Pool pumps filters and chlorinators
Pool pumps and filters
Motors typically last an average of eight years before needing either rebuilding or replacing. Noisy, screeching front and/or rear bearings will let you know when you need to do something.
A common problem is the threaded fitting carrying water out of the pump shrinking an allowing water to drip, run and then spray. This can be replaced with a high temp fitting to prevent its re-occurance. Water may leak from a worn out mechanical seal. This is between the wet end and the dry end (motor) of the pump. This mechanical shaft seal should be replaced.
Make sure the pump basket is clean and properly positioned. Some types of pump strainer basket that locks into place to prevent the basket from floating and causing the pump to cavitate, or starve for water. You can find that the pump basket is cracked and it is allowing debris to clog the pump's impeller. If the pump basket is cracked or damaged, it should be replaced. To check the impeller, turn off the motor, to remove the pump basket and reach into the volute and feel if it is clogged with debris. If you cannot feel for sure, you may need to remove the motor from the pump to properly inspect the impeller. Most times you need only remove a clamp band to separate the motor from the pump.
Inside of the pump's motor are a front bearing and a rear bearing they are sealed and cannot be re-packed or re-lubricated. They are replaced when they begin to scream and screech. Bearings can become damaged when the pump has run dry and overheated, or if the pump is put under high loads, just replace the motor. Try finding the cause of the obstruction that is blocking water flow into the pump. It may be the impeller. Noisy pumps can be the sound of components striking one another. The impeller can, on stub shaft models come loose and hit against the impeller housing. The internal fan can break and hit against the motor side. Both instances will resolve themselves.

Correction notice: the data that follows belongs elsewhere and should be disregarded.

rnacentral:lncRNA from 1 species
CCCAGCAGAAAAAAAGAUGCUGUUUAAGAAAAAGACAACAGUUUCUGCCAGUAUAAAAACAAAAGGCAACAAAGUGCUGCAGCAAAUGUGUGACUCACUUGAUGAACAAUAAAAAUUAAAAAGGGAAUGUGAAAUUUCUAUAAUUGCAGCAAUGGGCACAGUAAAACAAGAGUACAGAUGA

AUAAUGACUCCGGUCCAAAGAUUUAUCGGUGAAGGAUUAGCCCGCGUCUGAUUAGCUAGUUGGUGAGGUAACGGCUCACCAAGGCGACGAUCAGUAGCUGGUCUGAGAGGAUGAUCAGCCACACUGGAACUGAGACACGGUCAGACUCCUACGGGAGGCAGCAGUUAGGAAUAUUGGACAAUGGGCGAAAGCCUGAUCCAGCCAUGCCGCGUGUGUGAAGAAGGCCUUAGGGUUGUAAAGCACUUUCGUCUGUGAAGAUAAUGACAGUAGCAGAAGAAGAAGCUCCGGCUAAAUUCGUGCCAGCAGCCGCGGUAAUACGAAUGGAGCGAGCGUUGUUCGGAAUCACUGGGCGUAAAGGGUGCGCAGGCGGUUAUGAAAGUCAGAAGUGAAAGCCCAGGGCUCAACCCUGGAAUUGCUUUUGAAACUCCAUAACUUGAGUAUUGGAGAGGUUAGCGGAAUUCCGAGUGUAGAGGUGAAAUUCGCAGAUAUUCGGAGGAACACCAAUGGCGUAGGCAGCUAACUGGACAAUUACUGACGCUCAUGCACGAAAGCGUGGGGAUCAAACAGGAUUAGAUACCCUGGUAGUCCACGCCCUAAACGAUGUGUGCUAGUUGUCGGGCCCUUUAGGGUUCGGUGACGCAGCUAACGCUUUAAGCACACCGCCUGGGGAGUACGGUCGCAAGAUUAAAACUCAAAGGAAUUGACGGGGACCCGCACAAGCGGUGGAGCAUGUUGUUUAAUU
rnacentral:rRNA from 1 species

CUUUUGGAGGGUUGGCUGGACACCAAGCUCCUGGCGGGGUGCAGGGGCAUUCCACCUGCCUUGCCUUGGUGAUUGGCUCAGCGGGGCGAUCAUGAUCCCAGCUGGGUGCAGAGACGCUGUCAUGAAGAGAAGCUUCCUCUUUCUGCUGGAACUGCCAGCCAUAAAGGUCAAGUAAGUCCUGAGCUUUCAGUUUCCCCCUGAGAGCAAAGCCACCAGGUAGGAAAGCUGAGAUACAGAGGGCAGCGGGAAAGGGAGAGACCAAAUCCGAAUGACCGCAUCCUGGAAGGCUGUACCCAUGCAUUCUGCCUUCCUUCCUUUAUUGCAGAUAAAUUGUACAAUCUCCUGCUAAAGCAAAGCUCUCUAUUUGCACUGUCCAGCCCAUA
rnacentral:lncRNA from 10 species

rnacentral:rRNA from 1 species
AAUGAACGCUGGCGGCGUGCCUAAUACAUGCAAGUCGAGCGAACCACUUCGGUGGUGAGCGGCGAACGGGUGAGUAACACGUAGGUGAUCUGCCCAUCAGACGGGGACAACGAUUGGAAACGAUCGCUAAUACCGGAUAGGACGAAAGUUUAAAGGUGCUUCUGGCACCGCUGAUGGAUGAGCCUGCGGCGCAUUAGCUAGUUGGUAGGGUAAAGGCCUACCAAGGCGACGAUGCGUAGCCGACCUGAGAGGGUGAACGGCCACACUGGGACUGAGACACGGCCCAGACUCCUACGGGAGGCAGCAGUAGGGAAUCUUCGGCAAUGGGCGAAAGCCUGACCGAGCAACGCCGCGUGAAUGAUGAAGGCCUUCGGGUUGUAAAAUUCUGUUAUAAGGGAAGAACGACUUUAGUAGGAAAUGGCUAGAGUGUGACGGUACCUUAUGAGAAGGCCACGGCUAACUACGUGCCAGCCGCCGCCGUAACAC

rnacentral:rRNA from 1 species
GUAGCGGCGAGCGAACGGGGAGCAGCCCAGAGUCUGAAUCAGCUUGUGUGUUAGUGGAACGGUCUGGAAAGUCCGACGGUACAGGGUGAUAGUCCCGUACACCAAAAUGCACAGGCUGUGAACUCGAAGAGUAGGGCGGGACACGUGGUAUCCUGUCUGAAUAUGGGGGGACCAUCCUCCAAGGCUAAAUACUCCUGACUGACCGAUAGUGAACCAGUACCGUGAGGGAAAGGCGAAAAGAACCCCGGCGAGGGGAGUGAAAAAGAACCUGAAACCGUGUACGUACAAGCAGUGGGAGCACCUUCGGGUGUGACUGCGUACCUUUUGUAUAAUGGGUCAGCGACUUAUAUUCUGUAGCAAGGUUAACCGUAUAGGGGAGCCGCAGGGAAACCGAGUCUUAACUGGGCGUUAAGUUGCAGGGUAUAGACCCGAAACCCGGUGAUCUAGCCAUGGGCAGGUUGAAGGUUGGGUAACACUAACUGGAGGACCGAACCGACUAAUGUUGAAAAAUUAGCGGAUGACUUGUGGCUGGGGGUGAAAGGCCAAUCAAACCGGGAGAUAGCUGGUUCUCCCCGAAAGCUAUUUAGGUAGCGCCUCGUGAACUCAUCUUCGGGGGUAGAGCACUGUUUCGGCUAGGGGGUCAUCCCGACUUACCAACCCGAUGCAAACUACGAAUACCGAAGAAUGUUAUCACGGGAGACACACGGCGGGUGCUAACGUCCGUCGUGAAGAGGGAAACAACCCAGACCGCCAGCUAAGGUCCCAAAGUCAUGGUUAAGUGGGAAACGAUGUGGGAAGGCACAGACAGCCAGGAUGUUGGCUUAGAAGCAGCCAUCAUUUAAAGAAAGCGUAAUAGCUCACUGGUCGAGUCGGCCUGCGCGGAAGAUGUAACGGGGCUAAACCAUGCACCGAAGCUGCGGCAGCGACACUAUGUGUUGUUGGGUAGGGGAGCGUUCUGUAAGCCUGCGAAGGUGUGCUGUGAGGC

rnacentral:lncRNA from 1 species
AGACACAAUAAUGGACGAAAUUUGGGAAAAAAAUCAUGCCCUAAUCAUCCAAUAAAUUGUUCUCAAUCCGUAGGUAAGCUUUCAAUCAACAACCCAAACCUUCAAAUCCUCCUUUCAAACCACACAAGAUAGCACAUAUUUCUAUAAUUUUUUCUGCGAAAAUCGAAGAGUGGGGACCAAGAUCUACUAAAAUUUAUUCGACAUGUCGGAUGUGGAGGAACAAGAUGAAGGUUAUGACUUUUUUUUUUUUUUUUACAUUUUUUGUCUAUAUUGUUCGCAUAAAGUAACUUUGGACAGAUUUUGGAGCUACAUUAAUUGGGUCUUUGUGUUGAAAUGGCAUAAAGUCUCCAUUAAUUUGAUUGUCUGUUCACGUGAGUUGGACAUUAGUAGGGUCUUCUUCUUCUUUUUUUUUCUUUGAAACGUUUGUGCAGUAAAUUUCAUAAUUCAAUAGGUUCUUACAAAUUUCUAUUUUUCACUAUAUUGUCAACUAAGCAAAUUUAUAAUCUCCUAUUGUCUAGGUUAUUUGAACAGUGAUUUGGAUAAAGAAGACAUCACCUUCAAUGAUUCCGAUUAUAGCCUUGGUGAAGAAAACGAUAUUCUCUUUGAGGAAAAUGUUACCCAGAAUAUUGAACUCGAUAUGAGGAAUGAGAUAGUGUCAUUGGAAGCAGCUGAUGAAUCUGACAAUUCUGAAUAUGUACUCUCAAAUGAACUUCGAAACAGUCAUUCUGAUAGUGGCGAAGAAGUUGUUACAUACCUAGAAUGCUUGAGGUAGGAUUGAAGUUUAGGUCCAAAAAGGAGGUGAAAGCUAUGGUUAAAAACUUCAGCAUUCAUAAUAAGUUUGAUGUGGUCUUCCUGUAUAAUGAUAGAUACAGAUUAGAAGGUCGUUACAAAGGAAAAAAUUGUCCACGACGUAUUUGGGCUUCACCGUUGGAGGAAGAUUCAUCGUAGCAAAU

First check that you have power. The breaker must be on, time-clock on, all switches on. Use an electric meter to be sure the voltage is correct. Check all electrical connections, to see that they are tight and not corroded or shorted out by bugs or debris. The use of a meter or test lamp will check this with certainty. If there is power going all the way to the motor, the motor may have become shorted across its windings.
Low voltage can be a cause of a humming but not starting motor. New motors are wired 220volts, so if you hook it up to 110volts, it will only hum, or cyde. One of the pwer leads may be loose, or shorted. Check with a Multimeter to verify the correct voltage with a variance of 10% allowed.
If the motor runs for a short while, shuts itself off, and turns itself back o later, it may be overheating. All motors can run hot. A cyding motor may indicate that the thermal overload is kicking it off. If motor was just replaced make sure that the electrical supply connections are correct ad the wire size is correct for the voltage it is carrying. Low voltage can cause overheating. Inadequate ventilation can cause overheating, make sure that the air vents are unobstructed. Older motors that suddenly begin to overheat will need to be replaced.
Salt water chlorinators
The eco friendly way to sanitize the water in your pool is with a salt water chlorinator. There are a number of models available from manual systmes to self cleaning units. They are mostly suited for the majority of swimming pools no matter how big or small. Can be used with all kinds of pool surfaces like (fibreglass, vinyl, tiles and concrete).
safe and chemical free | therapeutic |insect resistant | no red eyes | soft on skin | eco friendly | self cleaning
Discuss your individual needs for your swimming pool chlorinator with one of our consultants.